Can our neighbour install a cat-height electric fence?
Property Clinic: Our cat, a pivotal family member, allegedly soils his garden
“I have recently been involved in a dispute with a neighbour over my cat entering and allegedly soiling his garden.” File photograph.
We live in a small housing estate comprising nine bungalows in a large town. I have recently been involved in a dispute with a neighbour over my cat entering and allegedly soiling his garden. Recently I was outside petting our cat – who is very much a pivotal member of our family – when I noticed an electric fence which has been installed between our garden and his. The fence runs the perimeter of the side of our property that leads to his. It is about 1ft off the ground – cat height. My older sister has two young children who regularly visit my mother and play in the garden. It would seem that part of the fence encroaches on our property and is not entirely confined to his property. What are my rights in this regard? I cannot conceive how it is lawful for him to do this?
From the question there appears to be no issue with the boundary per se, it seems the real issue is with the cat, its movements and a low electric fence that encroaches on a part of your property.
There are number of ways that you may deal with the encroachment and the nuisance caused by the cat. Perhaps speaking with your neighbour is the easiest at first as you can address all your concerns by way of conversation and establish if your neighbour is willing to hear and understand your point of view.
An electric fence is not a toy nor is a shock from one insignificant as they can be rather nasty. They are routinely used by farmers to manage livestock but are not particularly suited to an urban setting where unsuspecting adults, young children and animals may come into contact with them.
The Department for Environment, Food and Rural Affairs in the UK states that “All electric fences must be installed and operated in a way that ensures there is no electrical hazard to people, animals or their surroundings. The fence construction must not risk entanglement of animals or people.” That would appear to be good common-sense advice.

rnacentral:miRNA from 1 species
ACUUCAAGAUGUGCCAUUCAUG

Your neighbour might not be aware that the fence, its position (or indeed the cat) is causing you such worry. He might be able to move the fence safely into his property and you will both save on surveys and legal fees. If your neighbour is unwilling to move the fence, then you may wish to consider other options such as consulting your solicitor for legal advice and a geomatics surveyor for the purpose of conducting a ground truth survey.
A geomatics surveyor will measure your property. S/he will do a ground truth survey, which measures and records relevant features in and around your property, at the time of survey. The findings will then need to be compared to your Deed Map to establish if the two concur and corroborate your existing belief as to where exactly your property ends and your neighbours commences. Before asserting where the “exact” boundary is, it is best that there are no spatial discrepancies’, that you may be unaware of, in existence as they may cause unnecessary ill will that can be avoided. Depending on the Deed Map and all shown thereon, it may be the case that defining the “exact” boundary will be difficult. Deeds and deed maps can and do fall short on such critically specific information.
It is also important to remember that your “exact” legal boundary is a shared item. A legal boundary is a line of no width that distinguishes one property from that of another. Therefore, you cannot unilaterally impose it on your neighbour as they may have conflicting ideas or supporting documents.
Mediation is an alternative option that you may also consider, should you be unable to speak with your neighbour and wish to resolve the matter in a non-adversarial way. Mediation is a process in which an independent mediator will assist disputing parties in resolving their dispute in a collaborative and consensual manner, which may see your dispute resolved to your satisfaction.
Sarah Sherlock is a chartered geomatics surveyor, accredited mediator, and member of the Society of Chartered Surveyors Ireland, scsi.ie